I myself did not have anyone to talk to but sailed through purely on confidence and aptitude. It is only when I started actively teaching and meeting students on a daily basis and talking to them one-on-one that I figured out exactly what goes on in their heads and the need for someone to just give a bit of support.

      Glad to know the blog achieved what it was meant to 🙂

      All the best!


  7. Karan Ahuja says

    thankyou sir for your guidance, motivation and support throughout the cat journey! blessed to have you as our ‘guru’!


  8. I had prepared a plan to revise and go through stuff. But mind feels saturated. And can’t really get through everything that I had planned. Closer the CAT, higher the saturation. Am I taking too hard and need to chill a bit?


    • Hi A,

      You need to definitely chill if you feel saturated. CAT is not like a regular exam where last-minute cramming can help.

      I would more than recommend unwinding and doing things that would really make you happy for one day (watch your favourite shows today, eat your favourite meals and just chill).

      Tomorrow and day after focus on building up energy and gathering yourself.

      All the best!


  9. Biswajit says

    The last few lines took my heart way and inspired me. It’s true that most of us are lucky to have this opportunity.


    • Hi Biswajit,

      There are 90,00,000 people in India in the 20-24 age group only 2,25,000 people apply to the CAT on average, so yeah, you are already in the 97.75th percentile.

      Glad to hear it touched a nerve and inspired you.

      All the best for Sunday!


  10. Mukul Sharma says

    Sir I really love to read your blog and it really inspire me to well in cat exam. .Sir how to deal with the situation when parents are not near around during the exam time. How should I focused and motivated during my alone time ?


    • Hi Mukul,

      A long-term secret to a calm and happy life is to have an interest that you are really passionate about that always centres you. It can be anything — reading, painting, gardening, music, weight training, yoga, running. Anything that is deeply immersive can easily be an everyday activity and that you can do to some extent almost anytime and anywhere.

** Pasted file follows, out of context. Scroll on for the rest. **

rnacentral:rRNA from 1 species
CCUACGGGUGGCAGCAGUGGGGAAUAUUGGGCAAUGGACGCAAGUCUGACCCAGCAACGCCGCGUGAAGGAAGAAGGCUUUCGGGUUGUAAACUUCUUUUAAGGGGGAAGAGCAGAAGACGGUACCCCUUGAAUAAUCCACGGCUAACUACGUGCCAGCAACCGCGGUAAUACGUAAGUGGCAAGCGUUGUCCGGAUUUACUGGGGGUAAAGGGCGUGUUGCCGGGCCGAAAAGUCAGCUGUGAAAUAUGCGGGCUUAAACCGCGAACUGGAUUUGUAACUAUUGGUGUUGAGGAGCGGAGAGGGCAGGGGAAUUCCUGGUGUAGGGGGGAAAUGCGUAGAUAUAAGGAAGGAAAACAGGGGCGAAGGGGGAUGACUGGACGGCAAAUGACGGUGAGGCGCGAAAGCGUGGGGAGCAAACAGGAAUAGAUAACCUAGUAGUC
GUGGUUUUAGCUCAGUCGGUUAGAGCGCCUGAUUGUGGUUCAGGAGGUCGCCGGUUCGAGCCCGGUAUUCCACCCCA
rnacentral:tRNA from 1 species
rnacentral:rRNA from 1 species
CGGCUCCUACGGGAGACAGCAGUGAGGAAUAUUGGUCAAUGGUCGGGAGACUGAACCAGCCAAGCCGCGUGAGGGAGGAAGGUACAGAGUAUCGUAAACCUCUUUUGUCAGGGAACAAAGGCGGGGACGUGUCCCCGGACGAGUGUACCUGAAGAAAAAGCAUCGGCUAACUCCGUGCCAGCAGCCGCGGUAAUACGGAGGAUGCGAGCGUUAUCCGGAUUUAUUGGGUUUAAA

It is not me just saying it but studies of happiness have shown that people who have a strong passion are on the whole more content since it means that when they are in the middle of that activity they do not need anything or anyone else.

      Over the next few days just do things that you like without tiring youorself out too much.

      Hope this helps,

      All the best!


  11. Devashish Rakshit says

    Just what I needed to read on a day when mentally spent after studying all day.
    Really liked how you described this as an opportunity to perform instead of a pressure to perform.

    Thanks Tony Sir!


  12. Megha says

    Hi Sir,
    After the last mock I had planned on giving before D-Day today, I realised I was barely able to solve questions from geometry which has so far turned out to be my strongest area and some from few other areas as well. After the mock I was a little upset because i know I could have definitely solved them. It reminded me of the incident you had shared about your physics exam, where you had completely burnt yourself out. I guess that’s what happened to me today. And I have decided to not solve any more problems, will just revise the concepts and formulas until the exam. Thank you once again for sharing these little things which actually matter the most in terms of mental health and energy.


    • Hi Megha,

      Glad that all the incident I narrated helped you see things in perspective.

      For middle class kids growing up in India, nothing much has changed in terms of what is expected of them, so I can more or less expect that my experiences will not be unique, bits and pieces will have occurred with everyone.

      All the best, Megha!


  13. Savani says

    I had been practically holding my breath for this post since your last one where you mentioned you’ll be doing one on power of visualisation. I am an annoyingly optimistic person in life, and usually sail through stressful situations with relative ease but this 5 month journey has been quite the ride. I can’t stress enough just how helpful and motivating your webinars and posts have been on the lowest of days. I am a huge fan of the no nonsense approach you take towards – well, everything really, and tell it how it is. I ‘believe’ (and not just hope *nods in your direction*) that all this effort will come to fruition on D day!
    Thank you for everything Sir!


    • Hi Savani,

      Really good to hear that the blog has been of help to you over these crazy months, it hasn’t been easy for a lot of people.

      I don’t know if I can call my approach no nonsense, I would like to call it empathetic rationality 🙂

      All the very best for Sunday!